Similarly, the loss of Treasury securities as benchmarks seems unlikely to result in major difficulties for market participants because alternative benchmarks are easy to envision. For example, in European bond markets, swaps are already the most common benchmark. Even in the United States, the Treasury bill market has lost its “benchmark status” in recent years, and has been replaced in that role by the eurodollar and eurodollar futures markets, with no evident adverse effects on the operation of short-term credit markets.

All of these alternative assets, of course, involve some degree of credit risk. However, given sufficient demand, it seems likely to me that you or your colleagues could produce a nearly riskless security. For example, this could be accomplished with a very senior tranche of a collateralized debt obligation backed by high-grade corporate debt.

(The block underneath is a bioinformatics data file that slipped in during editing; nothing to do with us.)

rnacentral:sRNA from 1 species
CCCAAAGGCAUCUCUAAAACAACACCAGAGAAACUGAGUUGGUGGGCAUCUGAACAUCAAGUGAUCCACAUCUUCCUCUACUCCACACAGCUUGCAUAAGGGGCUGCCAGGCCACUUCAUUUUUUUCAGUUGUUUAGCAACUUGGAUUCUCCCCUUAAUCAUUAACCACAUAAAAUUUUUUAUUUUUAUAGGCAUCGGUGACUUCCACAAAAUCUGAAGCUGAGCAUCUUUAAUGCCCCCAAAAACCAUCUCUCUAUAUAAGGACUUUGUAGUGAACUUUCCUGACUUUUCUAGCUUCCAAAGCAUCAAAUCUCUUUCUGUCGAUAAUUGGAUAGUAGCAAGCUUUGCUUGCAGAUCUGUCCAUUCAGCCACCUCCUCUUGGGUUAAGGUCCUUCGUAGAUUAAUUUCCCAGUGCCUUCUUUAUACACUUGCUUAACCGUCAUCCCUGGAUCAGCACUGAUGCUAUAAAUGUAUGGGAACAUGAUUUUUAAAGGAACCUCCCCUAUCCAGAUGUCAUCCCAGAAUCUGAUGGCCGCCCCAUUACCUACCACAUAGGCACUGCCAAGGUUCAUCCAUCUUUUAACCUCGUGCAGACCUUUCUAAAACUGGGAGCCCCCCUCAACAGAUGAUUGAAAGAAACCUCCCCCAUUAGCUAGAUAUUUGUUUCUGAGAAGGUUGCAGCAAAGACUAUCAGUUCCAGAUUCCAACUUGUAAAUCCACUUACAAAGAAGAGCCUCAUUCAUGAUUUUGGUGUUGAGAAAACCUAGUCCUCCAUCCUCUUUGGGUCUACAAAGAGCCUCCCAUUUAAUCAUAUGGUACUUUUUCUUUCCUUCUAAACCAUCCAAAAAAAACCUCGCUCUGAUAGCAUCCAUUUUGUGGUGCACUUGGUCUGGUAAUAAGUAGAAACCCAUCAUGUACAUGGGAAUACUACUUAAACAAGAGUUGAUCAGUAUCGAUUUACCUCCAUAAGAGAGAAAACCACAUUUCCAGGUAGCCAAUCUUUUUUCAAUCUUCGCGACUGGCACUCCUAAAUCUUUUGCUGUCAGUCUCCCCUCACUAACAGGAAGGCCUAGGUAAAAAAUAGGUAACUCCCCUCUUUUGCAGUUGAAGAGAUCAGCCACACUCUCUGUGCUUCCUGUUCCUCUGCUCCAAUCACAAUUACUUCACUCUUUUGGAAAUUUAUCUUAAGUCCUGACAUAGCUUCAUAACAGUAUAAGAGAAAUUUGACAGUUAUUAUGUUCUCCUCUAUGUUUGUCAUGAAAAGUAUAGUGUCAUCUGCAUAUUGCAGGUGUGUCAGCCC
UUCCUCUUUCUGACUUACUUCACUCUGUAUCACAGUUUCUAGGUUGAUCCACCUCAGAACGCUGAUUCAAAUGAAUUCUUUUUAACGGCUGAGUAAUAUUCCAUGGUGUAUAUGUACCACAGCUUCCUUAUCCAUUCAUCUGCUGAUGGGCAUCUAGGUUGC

In short, I am confident that U.S. financial markets, which are the most innovative and efficient in the world, can readily adapt to a paydown of Treasury debt by creating private alternatives with many of the attributes that market participants value in Treasury securities. Of course, the resulting adjustments will not be perfect and, in some cases, will impose costs on financial market participants, especially during the period of transition to new products and procedures. However, I believe that these costs are very likely to be outweighed by the benefits to the country of a higher capital stock and the resulting increases in productivity and income that appear to be the consequence of debt reduction. Moreover, competitive pressures and profit opportunities will provide a strong incentive for you and your colleagues in the financial industry to devise ways to minimize such costs.